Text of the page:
As the app used to report caucus results in Iowa failed, volunteers for the Nevada State Democratic Party encountered errors while testing their own version of the app made by the same company, Motherboard has learned. Once a test version of the app was distributed, volunteers were quickly met with an error when trying to submit caucus results, according to a source and a review of the app by Motherboard. Volunteers encountered the error when they received the app earlier this month and up until this week, according to the source. The Nevada caucus is scheduled for February 22.
Nevada Democrats have already said they will not use the app after a failure with the Iowa app spread chaos and confusion in this week's caucus. But the news shows the continued risk of using apps and internet connected technology to report early results in elections, and highlights again how the company behind both the Iowa and Nevada apps, called Shadow Inc., developed a product that potentially had issues. The app was never designed to tabulate final vote counts that officially determine the winner, but instead is used to give early vote totals for real-time reporting.
After logging into the app, users were presented with a dashboard letting them submit how many caucus attendees they wished to add for each candidate, according to the app. A pop-up then asked, "Are you sure you want to submit the first alignment? Please ensure all in-person participant counts are correct before confirming."
But submitting the counts for the first alignment did not work, according to a source. Motherboard granted the source anonymity to speak candidly about a technical issue.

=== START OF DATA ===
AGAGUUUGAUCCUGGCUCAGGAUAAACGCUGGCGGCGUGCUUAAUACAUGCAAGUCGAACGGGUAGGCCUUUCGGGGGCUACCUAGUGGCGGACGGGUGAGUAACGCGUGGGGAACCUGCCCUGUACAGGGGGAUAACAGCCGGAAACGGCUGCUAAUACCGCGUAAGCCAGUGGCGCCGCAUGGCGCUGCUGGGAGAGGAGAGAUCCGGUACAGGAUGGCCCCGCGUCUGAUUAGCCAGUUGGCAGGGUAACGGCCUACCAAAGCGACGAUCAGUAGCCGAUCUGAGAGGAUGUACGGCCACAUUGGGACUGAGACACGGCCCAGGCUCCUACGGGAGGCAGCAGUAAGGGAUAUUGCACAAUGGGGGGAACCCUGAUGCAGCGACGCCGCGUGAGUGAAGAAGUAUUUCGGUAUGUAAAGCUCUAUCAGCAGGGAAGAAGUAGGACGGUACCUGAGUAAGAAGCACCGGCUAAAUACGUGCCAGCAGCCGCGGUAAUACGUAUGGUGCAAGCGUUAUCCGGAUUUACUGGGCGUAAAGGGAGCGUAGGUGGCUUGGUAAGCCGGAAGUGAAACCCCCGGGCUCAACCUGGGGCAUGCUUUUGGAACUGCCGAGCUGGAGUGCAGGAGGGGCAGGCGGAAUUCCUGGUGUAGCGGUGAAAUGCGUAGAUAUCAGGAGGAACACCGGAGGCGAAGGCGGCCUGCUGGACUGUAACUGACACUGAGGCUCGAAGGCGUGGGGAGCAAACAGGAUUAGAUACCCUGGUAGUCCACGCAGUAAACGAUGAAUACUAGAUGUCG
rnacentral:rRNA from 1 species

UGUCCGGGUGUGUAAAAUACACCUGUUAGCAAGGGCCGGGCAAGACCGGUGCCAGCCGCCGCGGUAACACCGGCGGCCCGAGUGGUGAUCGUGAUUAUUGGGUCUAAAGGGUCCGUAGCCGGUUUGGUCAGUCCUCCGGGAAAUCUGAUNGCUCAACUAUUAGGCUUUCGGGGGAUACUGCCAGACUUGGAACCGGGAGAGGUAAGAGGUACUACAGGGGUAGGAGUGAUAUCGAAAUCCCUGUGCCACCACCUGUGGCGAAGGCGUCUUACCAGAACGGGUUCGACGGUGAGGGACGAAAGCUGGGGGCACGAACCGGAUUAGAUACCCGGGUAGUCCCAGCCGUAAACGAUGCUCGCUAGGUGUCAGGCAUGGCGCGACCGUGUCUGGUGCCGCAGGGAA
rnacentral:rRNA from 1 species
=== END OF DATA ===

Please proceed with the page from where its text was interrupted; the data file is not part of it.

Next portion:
"Error," a second pop-up reads. "Could not submit alignment."
The error message doesn't make clear why it occurred, whether that functionality was supposed to exist yet, or if it was due to user error.
A Shadow spokesperson told Motherboard that "Because the deadline for the Nevada app was later, Shadow’s Nevada app was still in beta testing, and that testing identified some errors that were being fixed." They also said that the app was on track for a "successful rollout" with the Nevada Democratic Party.
"There was a new release ready to test in Nevada following the Iowa caucuses. That version wasn’t ready for use and has not been, and will not be released," they added.
The Nevada State Democratic Party did not respond to a request for comment.
Any results generated by the app would have been verified with other records as they were with Iowa.
Know anything more about the Shadow app or other apps being used in elections? We'd love to hear from you. Using a non-work phone or computer, you can contact Joseph Cox securely on Signal on +44 20 8133 5190, Wickr on josephcox, OTR chat on firstname.lastname@example.org, or email email@example.com.
This week multiple users of the Iowa app reported the app failing, delaying the public reporting of the Iowa caucus results. Shadow's CEO Gerard Niemira previously told Motherboard the issue was due to a data formatting error when transferring data from the app into a verification system controlled by the Iowa Democratic Party (IDP).
Motherboard obtained a copy of the Android version of the app and provided it to multiple Android and security experts. The consensus was that Shadow had rushed the app, and that it was rudimentary in design. Motherboard also publicly released a copy of the Android APK.
Emanuel Maiberg contributed reporting.
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This article originally appeared on VICE US.